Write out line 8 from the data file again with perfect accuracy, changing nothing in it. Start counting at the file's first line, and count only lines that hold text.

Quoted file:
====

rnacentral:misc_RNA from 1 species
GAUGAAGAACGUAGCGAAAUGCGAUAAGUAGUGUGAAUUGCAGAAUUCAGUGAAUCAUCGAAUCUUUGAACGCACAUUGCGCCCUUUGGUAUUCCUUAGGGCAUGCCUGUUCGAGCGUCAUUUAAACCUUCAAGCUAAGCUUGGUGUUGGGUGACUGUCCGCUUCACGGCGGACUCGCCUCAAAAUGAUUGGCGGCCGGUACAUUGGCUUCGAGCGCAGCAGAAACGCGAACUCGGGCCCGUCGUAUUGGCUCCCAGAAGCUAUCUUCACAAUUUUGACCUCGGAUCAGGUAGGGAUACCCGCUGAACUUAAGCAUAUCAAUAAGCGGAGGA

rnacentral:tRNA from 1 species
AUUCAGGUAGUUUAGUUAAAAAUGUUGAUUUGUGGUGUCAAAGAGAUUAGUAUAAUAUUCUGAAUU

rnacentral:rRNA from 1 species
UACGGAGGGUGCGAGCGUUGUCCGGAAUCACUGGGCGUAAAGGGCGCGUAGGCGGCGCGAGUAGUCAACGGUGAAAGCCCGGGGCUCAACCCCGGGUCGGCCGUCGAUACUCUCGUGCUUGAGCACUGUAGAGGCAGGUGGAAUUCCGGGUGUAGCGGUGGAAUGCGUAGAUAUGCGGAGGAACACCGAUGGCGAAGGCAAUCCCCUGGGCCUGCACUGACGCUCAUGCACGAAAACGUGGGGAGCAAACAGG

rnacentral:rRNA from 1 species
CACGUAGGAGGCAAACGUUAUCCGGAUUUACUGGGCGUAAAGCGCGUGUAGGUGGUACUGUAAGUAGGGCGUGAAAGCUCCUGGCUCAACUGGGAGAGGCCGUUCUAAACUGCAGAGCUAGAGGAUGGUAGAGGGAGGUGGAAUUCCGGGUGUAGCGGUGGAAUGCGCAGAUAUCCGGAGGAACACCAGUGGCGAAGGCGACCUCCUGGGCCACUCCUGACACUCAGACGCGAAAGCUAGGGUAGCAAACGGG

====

CACGUAGGAGGCAAACGUUAUCCGGAUUUACUGGGCGUAAAGCGCGUGUAGGUGGUACUGUAAGUAGGGCGUGAAAGCUCCUGGCUCAACUGGGAGAGGCCGUUCUAAACUGCAGAGCUAGAGGAUGGUAGAGGGAGGUGGAAUUCCGGGUGUAGCGGUGGAAUGCGCAGAUAUCCGGAGGAACACCAGUGGCGAAGGCGACCUCCUGGGCCACUCCUGACACUCAGACGCGAAAGCUAGGGUAGCAAACGGG